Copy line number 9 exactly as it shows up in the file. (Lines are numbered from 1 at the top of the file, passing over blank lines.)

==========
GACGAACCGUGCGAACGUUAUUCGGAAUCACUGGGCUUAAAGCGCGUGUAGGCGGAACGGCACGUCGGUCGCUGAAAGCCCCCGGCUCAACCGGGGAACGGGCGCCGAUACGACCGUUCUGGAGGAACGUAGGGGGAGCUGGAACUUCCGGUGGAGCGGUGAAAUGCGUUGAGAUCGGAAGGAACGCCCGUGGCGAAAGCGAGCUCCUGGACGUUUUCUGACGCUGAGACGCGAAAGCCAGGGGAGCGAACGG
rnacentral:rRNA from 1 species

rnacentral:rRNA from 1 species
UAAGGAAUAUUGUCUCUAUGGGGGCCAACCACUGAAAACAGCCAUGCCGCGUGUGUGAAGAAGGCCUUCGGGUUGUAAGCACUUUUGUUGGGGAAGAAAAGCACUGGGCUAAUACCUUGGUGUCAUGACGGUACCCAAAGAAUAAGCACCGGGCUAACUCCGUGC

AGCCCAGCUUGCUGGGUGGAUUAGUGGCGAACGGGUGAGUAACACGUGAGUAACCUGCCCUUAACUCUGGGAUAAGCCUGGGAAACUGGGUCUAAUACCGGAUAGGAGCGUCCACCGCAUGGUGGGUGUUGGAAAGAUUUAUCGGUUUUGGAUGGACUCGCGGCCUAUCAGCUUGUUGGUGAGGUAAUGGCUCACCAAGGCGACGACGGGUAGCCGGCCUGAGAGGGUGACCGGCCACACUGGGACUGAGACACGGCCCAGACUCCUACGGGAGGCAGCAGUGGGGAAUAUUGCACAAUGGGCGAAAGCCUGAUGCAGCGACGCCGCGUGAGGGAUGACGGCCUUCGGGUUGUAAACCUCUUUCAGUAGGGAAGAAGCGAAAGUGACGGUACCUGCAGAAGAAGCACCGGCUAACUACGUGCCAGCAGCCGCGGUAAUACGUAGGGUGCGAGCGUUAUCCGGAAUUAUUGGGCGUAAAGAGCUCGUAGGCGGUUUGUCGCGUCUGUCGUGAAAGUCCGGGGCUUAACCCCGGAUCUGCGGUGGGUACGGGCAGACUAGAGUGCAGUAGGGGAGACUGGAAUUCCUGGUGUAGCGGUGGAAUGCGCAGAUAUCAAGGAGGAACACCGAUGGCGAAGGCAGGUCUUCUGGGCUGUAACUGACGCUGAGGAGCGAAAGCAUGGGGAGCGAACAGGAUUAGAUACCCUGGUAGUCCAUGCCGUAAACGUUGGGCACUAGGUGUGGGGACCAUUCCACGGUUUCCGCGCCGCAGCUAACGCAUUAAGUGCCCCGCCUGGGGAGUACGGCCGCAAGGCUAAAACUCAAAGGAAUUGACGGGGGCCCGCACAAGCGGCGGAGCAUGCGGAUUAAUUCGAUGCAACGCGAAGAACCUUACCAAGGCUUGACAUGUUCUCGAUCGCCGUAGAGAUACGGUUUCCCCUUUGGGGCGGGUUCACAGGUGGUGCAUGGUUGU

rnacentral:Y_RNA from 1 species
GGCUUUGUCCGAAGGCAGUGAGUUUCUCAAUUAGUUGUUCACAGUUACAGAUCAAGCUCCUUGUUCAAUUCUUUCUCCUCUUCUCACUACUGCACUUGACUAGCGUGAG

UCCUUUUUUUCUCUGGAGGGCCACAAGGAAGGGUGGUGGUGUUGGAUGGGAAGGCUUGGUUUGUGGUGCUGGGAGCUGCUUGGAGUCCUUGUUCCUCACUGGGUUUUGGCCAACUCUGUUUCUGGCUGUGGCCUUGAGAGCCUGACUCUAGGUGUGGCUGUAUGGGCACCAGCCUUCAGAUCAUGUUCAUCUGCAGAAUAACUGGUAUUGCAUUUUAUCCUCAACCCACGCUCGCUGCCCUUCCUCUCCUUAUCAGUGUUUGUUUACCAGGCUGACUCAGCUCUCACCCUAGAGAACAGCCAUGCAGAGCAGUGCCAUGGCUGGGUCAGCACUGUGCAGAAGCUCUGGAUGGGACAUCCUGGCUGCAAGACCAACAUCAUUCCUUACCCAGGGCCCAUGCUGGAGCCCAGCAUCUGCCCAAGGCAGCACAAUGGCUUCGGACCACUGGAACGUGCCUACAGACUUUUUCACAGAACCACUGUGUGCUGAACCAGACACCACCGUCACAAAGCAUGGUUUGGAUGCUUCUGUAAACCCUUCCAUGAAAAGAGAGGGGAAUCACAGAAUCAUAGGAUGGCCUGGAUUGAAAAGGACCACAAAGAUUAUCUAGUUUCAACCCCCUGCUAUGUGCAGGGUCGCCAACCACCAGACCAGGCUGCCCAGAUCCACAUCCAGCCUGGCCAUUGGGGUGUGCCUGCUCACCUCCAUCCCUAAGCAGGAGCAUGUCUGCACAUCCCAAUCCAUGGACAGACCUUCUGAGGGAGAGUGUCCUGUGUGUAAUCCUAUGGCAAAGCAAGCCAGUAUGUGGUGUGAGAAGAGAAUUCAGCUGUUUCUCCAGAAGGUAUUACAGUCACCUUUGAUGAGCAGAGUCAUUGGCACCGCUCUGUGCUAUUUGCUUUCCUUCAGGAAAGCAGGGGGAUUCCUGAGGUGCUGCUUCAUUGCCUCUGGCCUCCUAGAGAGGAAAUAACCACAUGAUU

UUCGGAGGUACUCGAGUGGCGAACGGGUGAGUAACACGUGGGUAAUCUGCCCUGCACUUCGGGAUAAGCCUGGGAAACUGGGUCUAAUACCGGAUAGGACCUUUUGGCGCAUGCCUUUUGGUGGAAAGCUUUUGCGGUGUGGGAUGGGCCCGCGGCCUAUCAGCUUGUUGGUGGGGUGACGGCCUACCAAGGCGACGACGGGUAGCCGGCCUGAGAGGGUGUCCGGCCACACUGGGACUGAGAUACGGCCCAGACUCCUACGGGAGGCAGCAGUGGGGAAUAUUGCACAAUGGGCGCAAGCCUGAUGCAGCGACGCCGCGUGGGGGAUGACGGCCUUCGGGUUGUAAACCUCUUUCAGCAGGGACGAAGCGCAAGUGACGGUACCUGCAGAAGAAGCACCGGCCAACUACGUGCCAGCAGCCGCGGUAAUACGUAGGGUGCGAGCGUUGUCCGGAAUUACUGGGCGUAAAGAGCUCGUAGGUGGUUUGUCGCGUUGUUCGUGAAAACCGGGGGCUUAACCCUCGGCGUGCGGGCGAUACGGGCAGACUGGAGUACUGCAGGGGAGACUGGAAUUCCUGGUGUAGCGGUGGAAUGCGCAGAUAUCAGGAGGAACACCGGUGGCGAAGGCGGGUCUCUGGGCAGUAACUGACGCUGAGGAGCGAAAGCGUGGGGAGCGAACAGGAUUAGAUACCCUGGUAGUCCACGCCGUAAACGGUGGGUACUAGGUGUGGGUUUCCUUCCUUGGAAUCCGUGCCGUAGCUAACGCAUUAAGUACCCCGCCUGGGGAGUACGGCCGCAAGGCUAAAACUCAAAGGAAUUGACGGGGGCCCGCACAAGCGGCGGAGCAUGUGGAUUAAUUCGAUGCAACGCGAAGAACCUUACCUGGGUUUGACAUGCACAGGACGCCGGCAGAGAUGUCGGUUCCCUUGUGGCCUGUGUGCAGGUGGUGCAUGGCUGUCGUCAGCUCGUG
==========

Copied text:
UUCGGAGGUACUCGAGUGGCGAACGGGUGAGUAACACGUGGGUAAUCUGCCCUGCACUUCGGGAUAAGCCUGGGAAACUGGGUCUAAUACCGGAUAGGACCUUUUGGCGCAUGCCUUUUGGUGGAAAGCUUUUGCGGUGUGGGAUGGGCCCGCGGCCUAUCAGCUUGUUGGUGGGGUGACGGCCUACCAAGGCGACGACGGGUAGCCGGCCUGAGAGGGUGUCCGGCCACACUGGGACUGAGAUACGGCCCAGACUCCUACGGGAGGCAGCAGUGGGGAAUAUUGCACAAUGGGCGCAAGCCUGAUGCAGCGACGCCGCGUGGGGGAUGACGGCCUUCGGGUUGUAAACCUCUUUCAGCAGGGACGAAGCGCAAGUGACGGUACCUGCAGAAGAAGCACCGGCCAACUACGUGCCAGCAGCCGCGGUAAUACGUAGGGUGCGAGCGUUGUCCGGAAUUACUGGGCGUAAAGAGCUCGUAGGUGGUUUGUCGCGUUGUUCGUGAAAACCGGGGGCUUAACCCUCGGCGUGCGGGCGAUACGGGCAGACUGGAGUACUGCAGGGGAGACUGGAAUUCCUGGUGUAGCGGUGGAAUGCGCAGAUAUCAGGAGGAACACCGGUGGCGAAGGCGGGUCUCUGGGCAGUAACUGACGCUGAGGAGCGAAAGCGUGGGGAGCGAACAGGAUUAGAUACCCUGGUAGUCCACGCCGUAAACGGUGGGUACUAGGUGUGGGUUUCCUUCCUUGGAAUCCGUGCCGUAGCUAACGCAUUAAGUACCCCGCCUGGGGAGUACGGCCGCAAGGCUAAAACUCAAAGGAAUUGACGGGGGCCCGCACAAGCGGCGGAGCAUGUGGAUUAAUUCGAUGCAACGCGAAGAACCUUACCUGGGUUUGACAUGCACAGGACGCCGGCAGAGAUGUCGGUUCCCUUGUGGCCUGUGUGCAGGUGGUGCAUGGCUGUCGUCAGCUCGUG